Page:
Kula Shaker: K 2.0 review – Britpop mystics back in the psychedelic saddle

★★★☆☆

Crispin Mills and co return with more sitar rock, and despite veering towards self-parody, there’s a reflective maturity here too

In 1996, Kula Shaker were one of the biggest bands in Britain, as their speedy-selling debut album, K, stormed to No 1 with a blend of 60s rocking, Britpop, Arthurian legend and Indian mysticism. Two decades on, their fifth album doesn’t journey too far from the sound of old hits such as Tattva and Govinda: it starts with a flourish of sitars, and finds frontman Crispian Mills roaring “We are one, the infinite sun”. The blond-locked frontman hasn’t lost his gift for tunes, and Holy Flame is reminiscent of Blur’s Coffee and TV. Death of Democracy is a cheery political knees-up, and the quasi-mystical Hari Bol (The Sweetest Sweet) veers towards self-parody. However, perhaps chastened by a fall from grace and spells in the wilderness, Mills also displays a reflective side, addressing his “darkest days” and “demons” with touching candour. Their big moment in the sun has long gone, but there’s enough here for an Indian summer.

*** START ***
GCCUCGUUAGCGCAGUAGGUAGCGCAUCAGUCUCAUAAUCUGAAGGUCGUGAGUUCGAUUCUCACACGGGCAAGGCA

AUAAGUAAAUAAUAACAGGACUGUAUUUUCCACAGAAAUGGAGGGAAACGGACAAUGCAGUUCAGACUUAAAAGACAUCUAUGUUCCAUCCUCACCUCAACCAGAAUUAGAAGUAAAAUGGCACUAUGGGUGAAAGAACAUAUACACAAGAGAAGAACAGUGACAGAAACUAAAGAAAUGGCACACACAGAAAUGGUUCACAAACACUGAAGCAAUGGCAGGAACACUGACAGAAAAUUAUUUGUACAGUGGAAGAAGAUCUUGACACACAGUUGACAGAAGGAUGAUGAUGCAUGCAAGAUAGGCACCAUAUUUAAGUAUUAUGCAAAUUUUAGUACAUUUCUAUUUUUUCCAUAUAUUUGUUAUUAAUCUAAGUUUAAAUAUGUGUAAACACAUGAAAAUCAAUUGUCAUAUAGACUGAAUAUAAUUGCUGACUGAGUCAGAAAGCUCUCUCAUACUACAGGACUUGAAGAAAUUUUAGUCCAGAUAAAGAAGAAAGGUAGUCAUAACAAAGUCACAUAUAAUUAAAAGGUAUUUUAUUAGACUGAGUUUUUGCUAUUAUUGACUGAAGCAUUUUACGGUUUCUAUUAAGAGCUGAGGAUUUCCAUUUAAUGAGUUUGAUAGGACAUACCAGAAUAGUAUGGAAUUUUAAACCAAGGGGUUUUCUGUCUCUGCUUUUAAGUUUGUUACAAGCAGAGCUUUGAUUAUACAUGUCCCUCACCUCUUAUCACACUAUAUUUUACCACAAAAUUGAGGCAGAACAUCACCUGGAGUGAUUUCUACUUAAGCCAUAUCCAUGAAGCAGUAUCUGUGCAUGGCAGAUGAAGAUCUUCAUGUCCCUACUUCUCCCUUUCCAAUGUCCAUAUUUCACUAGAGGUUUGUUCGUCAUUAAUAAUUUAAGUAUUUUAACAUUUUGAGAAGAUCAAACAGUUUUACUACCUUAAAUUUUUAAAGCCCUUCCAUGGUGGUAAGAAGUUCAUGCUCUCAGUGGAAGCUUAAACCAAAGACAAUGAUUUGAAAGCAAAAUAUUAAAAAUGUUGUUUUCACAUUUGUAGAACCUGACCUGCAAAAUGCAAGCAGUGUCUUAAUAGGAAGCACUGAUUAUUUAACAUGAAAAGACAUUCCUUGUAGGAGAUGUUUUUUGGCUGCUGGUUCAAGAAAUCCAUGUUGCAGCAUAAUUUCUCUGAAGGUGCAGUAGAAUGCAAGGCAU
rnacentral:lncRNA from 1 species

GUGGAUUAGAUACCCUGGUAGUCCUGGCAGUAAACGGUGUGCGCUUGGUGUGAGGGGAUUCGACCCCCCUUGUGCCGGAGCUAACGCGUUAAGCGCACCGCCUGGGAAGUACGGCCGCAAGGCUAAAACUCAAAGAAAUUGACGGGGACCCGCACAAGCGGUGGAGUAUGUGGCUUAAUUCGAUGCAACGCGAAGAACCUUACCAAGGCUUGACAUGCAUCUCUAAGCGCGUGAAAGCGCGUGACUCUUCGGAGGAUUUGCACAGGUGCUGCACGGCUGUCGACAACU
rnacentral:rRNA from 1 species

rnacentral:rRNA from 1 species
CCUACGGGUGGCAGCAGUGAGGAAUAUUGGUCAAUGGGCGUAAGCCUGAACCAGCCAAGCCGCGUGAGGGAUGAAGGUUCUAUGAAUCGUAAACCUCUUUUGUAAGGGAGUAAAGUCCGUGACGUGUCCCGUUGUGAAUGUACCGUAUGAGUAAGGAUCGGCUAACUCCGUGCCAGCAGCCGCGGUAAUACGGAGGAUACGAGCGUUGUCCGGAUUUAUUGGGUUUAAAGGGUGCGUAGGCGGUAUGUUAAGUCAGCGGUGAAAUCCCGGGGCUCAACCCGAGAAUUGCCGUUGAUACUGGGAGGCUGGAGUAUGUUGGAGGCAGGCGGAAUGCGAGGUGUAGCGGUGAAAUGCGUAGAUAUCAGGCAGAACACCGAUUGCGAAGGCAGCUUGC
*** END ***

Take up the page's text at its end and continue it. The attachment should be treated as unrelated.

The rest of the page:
Source: Kula Shaker: K 2.0 review – Britpop mystics back in the psychedelic saddle | Music | The Guardian

Advertisements
Published in: on 12/02/2016 at 20:19  Leave a Comment  
Tags: , , ,

The URI to TrackBack this entry is: https://fallenjeeva.wordpress.com/2016/02/12/kula-shaker-k-2-0-review-britpop-mystics-back-in-the-psychedelic-saddle/trackback/

RSS feed for comments on this post.

Leave a Reply

Fill in your details below or click an icon to log in:

WordPress.com Logo

You are commenting using your WordPress.com account. Log Out / Change )

Twitter picture

You are commenting using your Twitter account. Log Out / Change )

Facebook photo

You are commenting using your Facebook account. Log Out / Change )

Google+ photo

You are commenting using your Google+ account. Log Out / Change )

Connecting to %s

%d bloggers like this: